x

Abu Dhabi, UAEThursday 13 December 2018

Hundreds escape in jailbreak near Libyan capital

Latest incident adds to fraught situation in Tripoli after a week of militia battles

Tripoli has been riven by violence for the last week which has claimed almost 40 lives. EPA/STR
Tripoli has been riven by violence for the last week which has claimed almost 40 lives. EPA/STR

A mass jailbreak by 400 prisoners in Tripoli has added to the chaos in the city from more than a week of deadly clashes between rival militias.

The prisoners forced their way past guards to escape from the jail in the central Ain Zara area on Sunday. Many of them were reported to be supporters of the late dictator Muammar Qaddafi who were convicted of killings during the 2011 uprising that ended his rule.

The fighting erupted on August 27 when militias based in city were attacked by the self-styled Seventh Brigade, a militia from the town of Tarhuna, 65 kilometres to the south. The clashes have left at least 49 dead and 129 wounded, according to the health ministry.

The UN Secretary General Antonio Guterres condemned “the use by armed groups of indiscriminate shelling leading to the death and injury of civilians, including children” and appealed for calm.

Many Tripoli residents were huddled in basements as rocket and tank fire echoed through the streets. The Seventh Brigade said it had launched its attack to “cleanse Tripoli of corrupt militias”, a reference to irregular forces who, in the absence of conventional police and army, control much of the city. Its units are battling city militias in several southern districts of Tripoli.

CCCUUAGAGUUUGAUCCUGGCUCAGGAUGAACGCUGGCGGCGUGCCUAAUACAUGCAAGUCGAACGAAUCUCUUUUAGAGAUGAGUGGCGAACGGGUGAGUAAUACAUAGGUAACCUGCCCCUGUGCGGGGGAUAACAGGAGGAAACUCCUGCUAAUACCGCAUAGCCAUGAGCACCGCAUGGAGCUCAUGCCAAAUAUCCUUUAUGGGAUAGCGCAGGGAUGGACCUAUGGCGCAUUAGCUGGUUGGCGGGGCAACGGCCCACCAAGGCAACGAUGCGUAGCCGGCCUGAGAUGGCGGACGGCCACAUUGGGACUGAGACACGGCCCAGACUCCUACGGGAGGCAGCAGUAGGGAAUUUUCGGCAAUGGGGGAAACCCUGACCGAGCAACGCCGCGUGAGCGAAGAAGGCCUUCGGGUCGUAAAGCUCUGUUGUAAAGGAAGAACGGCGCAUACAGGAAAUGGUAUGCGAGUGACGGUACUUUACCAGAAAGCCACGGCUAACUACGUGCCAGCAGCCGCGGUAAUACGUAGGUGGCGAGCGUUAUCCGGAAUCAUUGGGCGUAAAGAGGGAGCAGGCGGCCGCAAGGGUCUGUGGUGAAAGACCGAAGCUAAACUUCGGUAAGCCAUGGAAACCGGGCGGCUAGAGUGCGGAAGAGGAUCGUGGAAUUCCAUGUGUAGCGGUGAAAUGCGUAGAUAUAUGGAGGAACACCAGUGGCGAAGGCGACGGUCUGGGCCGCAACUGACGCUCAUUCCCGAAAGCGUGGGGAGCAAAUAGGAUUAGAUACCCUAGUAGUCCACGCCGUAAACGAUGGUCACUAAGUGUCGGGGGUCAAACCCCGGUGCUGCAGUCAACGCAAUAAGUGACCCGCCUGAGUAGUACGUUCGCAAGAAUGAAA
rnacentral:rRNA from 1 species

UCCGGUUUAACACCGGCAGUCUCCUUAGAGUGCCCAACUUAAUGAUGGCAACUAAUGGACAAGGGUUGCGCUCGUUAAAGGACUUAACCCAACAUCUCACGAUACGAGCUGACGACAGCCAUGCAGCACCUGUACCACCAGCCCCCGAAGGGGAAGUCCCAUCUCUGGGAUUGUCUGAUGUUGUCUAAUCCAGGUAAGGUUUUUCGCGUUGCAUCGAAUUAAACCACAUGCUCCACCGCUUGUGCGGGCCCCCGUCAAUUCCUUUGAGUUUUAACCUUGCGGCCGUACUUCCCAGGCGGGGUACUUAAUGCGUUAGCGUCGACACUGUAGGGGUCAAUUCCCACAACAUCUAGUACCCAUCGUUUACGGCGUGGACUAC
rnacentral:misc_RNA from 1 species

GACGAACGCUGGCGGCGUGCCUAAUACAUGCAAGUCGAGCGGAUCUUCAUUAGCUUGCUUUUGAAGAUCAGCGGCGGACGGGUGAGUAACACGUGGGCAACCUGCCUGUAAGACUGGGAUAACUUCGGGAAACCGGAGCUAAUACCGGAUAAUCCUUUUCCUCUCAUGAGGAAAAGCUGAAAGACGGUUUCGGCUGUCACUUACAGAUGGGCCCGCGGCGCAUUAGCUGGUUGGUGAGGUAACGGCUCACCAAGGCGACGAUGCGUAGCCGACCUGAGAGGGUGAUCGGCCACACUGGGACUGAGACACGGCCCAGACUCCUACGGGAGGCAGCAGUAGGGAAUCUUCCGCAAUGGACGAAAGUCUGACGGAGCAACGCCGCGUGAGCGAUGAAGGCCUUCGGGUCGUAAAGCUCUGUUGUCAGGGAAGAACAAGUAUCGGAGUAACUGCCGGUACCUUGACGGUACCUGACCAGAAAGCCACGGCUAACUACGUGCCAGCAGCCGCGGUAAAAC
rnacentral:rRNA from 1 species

Libya’s UN-backed Government of National Accord (GNA) declared a state of emergency on Sunday after unsuccessful attempts to broker a truce last week. The United Nations Support Mission to Libya hopes to convene talks between the militia chiefs on Tuesday.

_______________

Read more:

Notorious militia leader returns to ignite Libya conflict

_______________

Meanwhile, the suffering of the city’s population continues, with residents reporting looting by militias, many shops closed, and power cuts.

Jalal Othman, founder of Libyan Institute for Investigative Journalism, tweeted: “About 30 per cent of residents in Ain Zara district are now in the areas of clashes and refuse to leave their homes for fear of theft and looting of their property. A large part of these families are in need of food and drinking water.”

The fighting puts a major question mark over plans to hold elections in December as agreed at talks in Paris in May between GNA Prime Minister Fayez Al Sarraj and Field Marshall Khalifa Haftar, commander of the eastern-based Libyan National Army (LNA).

The LNA is controlled by a rival government to the GNA, the House of Representatives parliament based in the eastern town of Tobruk. It is not involved in the current fighting, but diplomats say the inability of the GNA, lacking its own security forces, to control the capital means voting may not be possible in December.